Oregon fails first conference test, falls to ASU in overtime 69-67
Dana Altman's teams usually kick into gear later in the year. But with multiple blowouts and now a Pac-12-opening loss to Arizona State, is it time to worry about the Ducks?
EUGENE — Dana Altman’s Oregon Ducks continue to swing the way of their point guard Will Richardson.
On Sunday in Matthew Knight Arena, it ended in his hands — a double-clutch pull-up jumper at the free throw line. His 12th missed shot of the game extinguished Oregon’s hopes as the clock expired. The Ducks (5-4, 0-1 Pac-12) tried, and failed, to pass their first conference test of the year, falling 69-67 to Arizona State in overtime.
“We thought [Richardson] could get a good look,” Altman said. “He had a tough game, but we thought in a pressure situation he could get a good look, and he got a good look.”
In the absence of its leading scorer and rebounder Eric Williams Jr., Oregon shot 41.7% from the field, hit 4-of-22 shots from deep and couldn’t put away the Sun Devils (3-6, 1-1) despite holding leads in the last two minutes of both regulation and overtime.
ASU’s DJ Horne exploded for a game-high 23 points by way of a series of tough pull-up jumpers — none more crucial than his game-tying 3-pointer with five seconds to go in overtime. Jay Heath added 14 points and four 3s, including the eventual game-winner.
“I was really disappointed in the way that those two guys got their looks,” Altman said. “We knew they were the only two guys that were capable of beating us from three… I thought we gave those guys way too many looks.”
Richardson scored 8 points, dished out seven assists and collected seven rebounds while De’Vion Harmon scored 11 points. The duo combined to shoot 5-for-26.
In Oregon’s five wins, Richardson has averaged 14.6 points per game. In losses, a mere 6.5.
Lacking production from their lead guards, the Ducks turned to Rivaldo Soares and Franck Kepnang. Soares scored a season-high 11 and Kepnang poured in a career-high and team-high 17 points, six of which came in overtime.
“[Soares] gave us some great minutes…,” Altman said. “He got it out in transition, got a couple easy ones for us that we really needed.”
Oregon missed it’s first five 3-pointers of the game as ASU built a 16-6 lead with 12:28 to go in the first half. As Horne continued to hit jumpers off the dribble for ASU, the Ducks struck back with a pair of 3s from Richardson and Quincy Guerrier, followed by a Guerrier and-1 under the rim. Capped off by De’Vion Harmon’s 3-pointer at the top of the key, the Ducks used a 8-0 run over the next four minutes to take a 22-21 lead and went into the break up 31-30.
Neither team secured a lead greater than four for the entirety of the second half and overtime. ASU continued its success by way of the jump shot while Oregon worked down low. The Ducks outscored the Sun Devils 42-22 in the paint.
A pair of Kepnang free throws gave Oregon a 60-57 lead with eight seconds left before Horne’s ensuing 3-pointer sent the game to overtime.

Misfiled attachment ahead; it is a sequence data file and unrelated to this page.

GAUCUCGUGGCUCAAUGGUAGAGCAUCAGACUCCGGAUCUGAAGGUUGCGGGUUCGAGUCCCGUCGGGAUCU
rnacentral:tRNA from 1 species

The Ducks missed all four of their 3s and after falling behind 64-60 to start the extra period, built a slim 67-66 lead before they were undone by Heath’s fourth 3-pointer of the game.
Injuries: Williams Jr. and wing Lok Wur were both out Sunday. Post game, Altman diagnosed Wur’s injury as an ankle and Williams Jr.'s as a lower leg which he recently aggravated. Wur appeared in a walking boot.
“I don’t know how long either one will be out,” Altman said.
While Wur has played sparsely this year, Williams Jr. has been integral. He’s been the team’s most consistent shooter, leads the team in points, rebounds and steals per game and has flashed potential to guard multiple positions.
Battle of the bigs:
The Ducks’ depth down low has shown to be an early strength through nine games. Kepnang has had his moments both as a starter and off the bench and N’Faly Dante has played some of his best basketball in past weeks.
On Sunday, the hierarchy of the center position was shaken up once more. Dante played just 15 minutes, 11 of which came in the first half. Kepnang was 7-for-9 from the field in 29 minutes.
“Franck did give us some good things offensively,” Altman said. “Defensively, he made some mistakes. I didn’t think Dante’s energy was very good I thought Franck gave us a lot more energy.”
Oregon will turn it around… right?
It’s no secret Altman’s teams always get hot late. This year’s team may, too. But this unit has a different feel to teams of years past. They’ve suffered some of the biggest blowouts in Altman’s 11-year Oregon career. Despite harboring plenty of talent, young and old, they seem disconnected.
Some of Altman’s comments have been disconcerting, too.
The Ducks left Las Vegas without a marquee early season win. No. 4 Baylor comes to Eugene in two weeks time with games at Stanford and at home vs. Portland preceding. No. 5 UCLA and No. 11 Arizona provide shots at blue-chip, resume-building wins, but the Ducks’ recent performances have yet to instill hope that Oregon can jockey with the conference’s top squads.
— Shane Hoffmann
Shane Hoffmann is a senior journalism student at the University of Oregon who will be contributing to The I-5 Corridor throughout the year. Follow him on Twitter at @shane_hoffmann